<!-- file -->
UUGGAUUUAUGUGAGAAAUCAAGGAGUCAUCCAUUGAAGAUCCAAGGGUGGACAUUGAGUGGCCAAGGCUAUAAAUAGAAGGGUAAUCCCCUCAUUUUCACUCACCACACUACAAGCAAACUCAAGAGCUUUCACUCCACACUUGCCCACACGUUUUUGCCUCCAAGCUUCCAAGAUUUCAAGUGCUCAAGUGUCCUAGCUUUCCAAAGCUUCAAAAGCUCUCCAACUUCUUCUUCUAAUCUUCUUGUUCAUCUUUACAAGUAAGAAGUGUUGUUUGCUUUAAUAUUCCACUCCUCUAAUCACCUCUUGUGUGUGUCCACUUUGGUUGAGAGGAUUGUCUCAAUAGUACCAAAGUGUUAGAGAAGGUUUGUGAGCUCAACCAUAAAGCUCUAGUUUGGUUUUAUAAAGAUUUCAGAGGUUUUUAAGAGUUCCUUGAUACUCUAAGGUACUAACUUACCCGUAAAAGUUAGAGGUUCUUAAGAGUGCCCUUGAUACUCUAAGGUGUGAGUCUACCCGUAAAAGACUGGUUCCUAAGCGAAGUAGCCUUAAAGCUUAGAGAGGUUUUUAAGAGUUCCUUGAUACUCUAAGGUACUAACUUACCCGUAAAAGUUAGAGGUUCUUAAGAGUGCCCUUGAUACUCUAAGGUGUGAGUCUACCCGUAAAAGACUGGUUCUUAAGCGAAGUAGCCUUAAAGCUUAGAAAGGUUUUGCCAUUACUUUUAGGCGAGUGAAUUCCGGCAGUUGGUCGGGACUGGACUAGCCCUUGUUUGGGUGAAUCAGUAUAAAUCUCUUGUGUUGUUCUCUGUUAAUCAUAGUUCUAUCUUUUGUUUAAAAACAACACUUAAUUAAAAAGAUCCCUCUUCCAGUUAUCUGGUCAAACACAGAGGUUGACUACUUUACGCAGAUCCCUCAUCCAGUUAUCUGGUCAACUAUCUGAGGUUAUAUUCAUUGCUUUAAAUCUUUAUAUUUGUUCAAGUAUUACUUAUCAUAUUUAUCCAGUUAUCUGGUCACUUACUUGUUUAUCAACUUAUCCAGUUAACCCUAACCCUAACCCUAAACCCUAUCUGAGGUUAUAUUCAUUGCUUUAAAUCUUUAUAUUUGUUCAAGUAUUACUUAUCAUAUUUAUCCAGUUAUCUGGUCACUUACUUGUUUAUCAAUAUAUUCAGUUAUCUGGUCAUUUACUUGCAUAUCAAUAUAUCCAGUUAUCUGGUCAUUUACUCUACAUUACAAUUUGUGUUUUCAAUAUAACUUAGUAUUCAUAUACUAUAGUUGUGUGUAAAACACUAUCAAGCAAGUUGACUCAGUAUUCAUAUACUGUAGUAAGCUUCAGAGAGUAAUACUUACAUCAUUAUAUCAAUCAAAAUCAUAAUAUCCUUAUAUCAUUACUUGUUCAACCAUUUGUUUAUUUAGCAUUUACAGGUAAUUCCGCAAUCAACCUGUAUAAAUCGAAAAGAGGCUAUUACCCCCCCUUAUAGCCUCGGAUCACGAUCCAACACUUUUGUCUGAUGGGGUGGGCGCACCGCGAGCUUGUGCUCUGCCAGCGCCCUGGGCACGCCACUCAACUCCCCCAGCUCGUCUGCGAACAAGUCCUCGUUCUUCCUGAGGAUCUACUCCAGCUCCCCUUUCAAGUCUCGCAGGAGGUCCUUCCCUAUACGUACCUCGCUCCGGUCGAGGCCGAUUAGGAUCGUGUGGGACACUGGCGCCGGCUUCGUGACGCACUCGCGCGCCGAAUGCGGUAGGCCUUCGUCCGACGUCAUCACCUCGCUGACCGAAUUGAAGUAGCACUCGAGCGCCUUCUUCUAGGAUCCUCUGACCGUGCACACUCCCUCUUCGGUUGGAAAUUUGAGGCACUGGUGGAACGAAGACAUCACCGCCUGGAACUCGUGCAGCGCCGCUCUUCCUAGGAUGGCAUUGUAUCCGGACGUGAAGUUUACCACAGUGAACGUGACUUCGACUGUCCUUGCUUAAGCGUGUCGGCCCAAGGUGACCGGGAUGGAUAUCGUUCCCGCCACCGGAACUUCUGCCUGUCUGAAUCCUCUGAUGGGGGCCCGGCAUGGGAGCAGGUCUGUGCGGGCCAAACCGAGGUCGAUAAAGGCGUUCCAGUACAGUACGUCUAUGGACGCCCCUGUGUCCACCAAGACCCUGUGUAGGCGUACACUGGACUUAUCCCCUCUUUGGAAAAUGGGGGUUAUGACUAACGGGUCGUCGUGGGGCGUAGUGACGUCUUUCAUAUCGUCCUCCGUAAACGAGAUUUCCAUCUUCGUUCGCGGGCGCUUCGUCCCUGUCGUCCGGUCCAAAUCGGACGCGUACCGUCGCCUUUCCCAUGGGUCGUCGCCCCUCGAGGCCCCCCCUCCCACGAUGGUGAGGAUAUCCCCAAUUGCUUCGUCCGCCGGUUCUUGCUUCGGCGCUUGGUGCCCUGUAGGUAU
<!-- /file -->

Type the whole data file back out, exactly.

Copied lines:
UUGGAUUUAUGUGAGAAAUCAAGGAGUCAUCCAUUGAAGAUCCAAGGGUGGACAUUGAGUGGCCAAGGCUAUAAAUAGAAGGGUAAUCCCCUCAUUUUCACUCACCACACUACAAGCAAACUCAAGAGCUUUCACUCCACACUUGCCCACACGUUUUUGCCUCCAAGCUUCCAAGAUUUCAAGUGCUCAAGUGUCCUAGCUUUCCAAAGCUUCAAAAGCUCUCCAACUUCUUCUUCUAAUCUUCUUGUUCAUCUUUACAAGUAAGAAGUGUUGUUUGCUUUAAUAUUCCACUCCUCUAAUCACCUCUUGUGUGUGUCCACUUUGGUUGAGAGGAUUGUCUCAAUAGUACCAAAGUGUUAGAGAAGGUUUGUGAGCUCAACCAUAAAGCUCUAGUUUGGUUUUAUAAAGAUUUCAGAGGUUUUUAAGAGUUCCUUGAUACUCUAAGGUACUAACUUACCCGUAAAAGUUAGAGGUUCUUAAGAGUGCCCUUGAUACUCUAAGGUGUGAGUCUACCCGUAAAAGACUGGUUCCUAAGCGAAGUAGCCUUAAAGCUUAGAGAGGUUUUUAAGAGUUCCUUGAUACUCUAAGGUACUAACUUACCCGUAAAAGUUAGAGGUUCUUAAGAGUGCCCUUGAUACUCUAAGGUGUGAGUCUACCCGUAAAAGACUGGUUCUUAAGCGAAGUAGCCUUAAAGCUUAGAAAGGUUUUGCCAUUACUUUUAGGCGAGUGAAUUCCGGCAGUUGGUCGGGACUGGACUAGCCCUUGUUUGGGUGAAUCAGUAUAAAUCUCUUGUGUUGUUCUCUGUUAAUCAUAGUUCUAUCUUUUGUUUAAAAACAACACUUAAUUAAAAAGAUCCCUCUUCCAGUUAUCUGGUCAAACACAGAGGUUGACUACUUUACGCAGAUCCCUCAUCCAGUUAUCUGGUCAACUAUCUGAGGUUAUAUUCAUUGCUUUAAAUCUUUAUAUUUGUUCAAGUAUUACUUAUCAUAUUUAUCCAGUUAUCUGGUCACUUACUUGUUUAUCAACUUAUCCAGUUAACCCUAACCCUAACCCUAAACCCUAUCUGAGGUUAUAUUCAUUGCUUUAAAUCUUUAUAUUUGUUCAAGUAUUACUUAUCAUAUUUAUCCAGUUAUCUGGUCACUUACUUGUUUAUCAAUAUAUUCAGUUAUCUGGUCAUUUACUUGCAUAUCAAUAUAUCCAGUUAUCUGGUCAUUUACUCUACAUUACAAUUUGUGUUUUCAAUAUAACUUAGUAUUCAUAUACUAUAGUUGUGUGUAAAACACUAUCAAGCAAGUUGACUCAGUAUUCAUAUACUGUAGUAAGCUUCAGAGAGUAAUACUUACAUCAUUAUAUCAAUCAAAAUCAUAAUAUCCUUAUAUCAUUACUUGUUCAACCAUUUGUUUAUUUAGCAUUUACAGGUAAUUCCGCAAUCAACCUGUAUAAAUCGAAAAGAGGCUAUUACCCCCCCUUAUAGCCUCGGAUCACGAUCCAACACUUUUGUCUGAUGGGGUGGGCGCACCGCGAGCUUGUGCUCUGCCAGCGCCCUGGGCACGCCACUCAACUCCCCCAGCUCGUCUGCGAACAAGUCCUCGUUCUUCCUGAGGAUCUACUCCAGCUCCCCUUUCAAGUCUCGCAGGAGGUCCUUCCCUAUACGUACCUCGCUCCGGUCGAGGCCGAUUAGGAUCGUGUGGGACACUGGCGCCGGCUUCGUGACGCACUCGCGCGCCGAAUGCGGUAGGCCUUCGUCCGACGUCAUCACCUCGCUGACCGAAUUGAAGUAGCACUCGAGCGCCUUCUUCUAGGAUCCUCUGACCGUGCACACUCCCUCUUCGGUUGGAAAUUUGAGGCACUGGUGGAACGAAGACAUCACCGCCUGGAACUCGUGCAGCGCCGCUCUUCCUAGGAUGGCAUUGUAUCCGGACGUGAAGUUUACCACAGUGAACGUGACUUCGACUGUCCUUGCUUAAGCGUGUCGGCCCAAGGUGACCGGGAUGGAUAUCGUUCCCGCCACCGGAACUUCUGCCUGUCUGAAUCCUCUGAUGGGGGCCCGGCAUGGGAGCAGGUCUGUGCGGGCCAAACCGAGGUCGAUAAAGGCGUUCCAGUACAGUACGUCUAUGGACGCCCCUGUGUCCACCAAGACCCUGUGUAGGCGUACACUGGACUUAUCCCCUCUUUGGAAAAUGGGGGUUAUGACUAACGGGUCGUCGUGGGGCGUAGUGACGUCUUUCAUAUCGUCCUCCGUAAACGAGAUUUCCAUCUUCGUUCGCGGGCGCUUCGUCCCUGUCGUCCGGUCCAAAUCGGACGCGUACCGUCGCCUUUCCCAUGGGUCGUCGCCCCUCGAGGCCCCCCCUCCCACGAUGGUGAGGAUAUCCCCAAUUGCUUCGUCCGCCGGUUCUUGCUUCGGCGCUUGGUGCCCUGUAGGUAU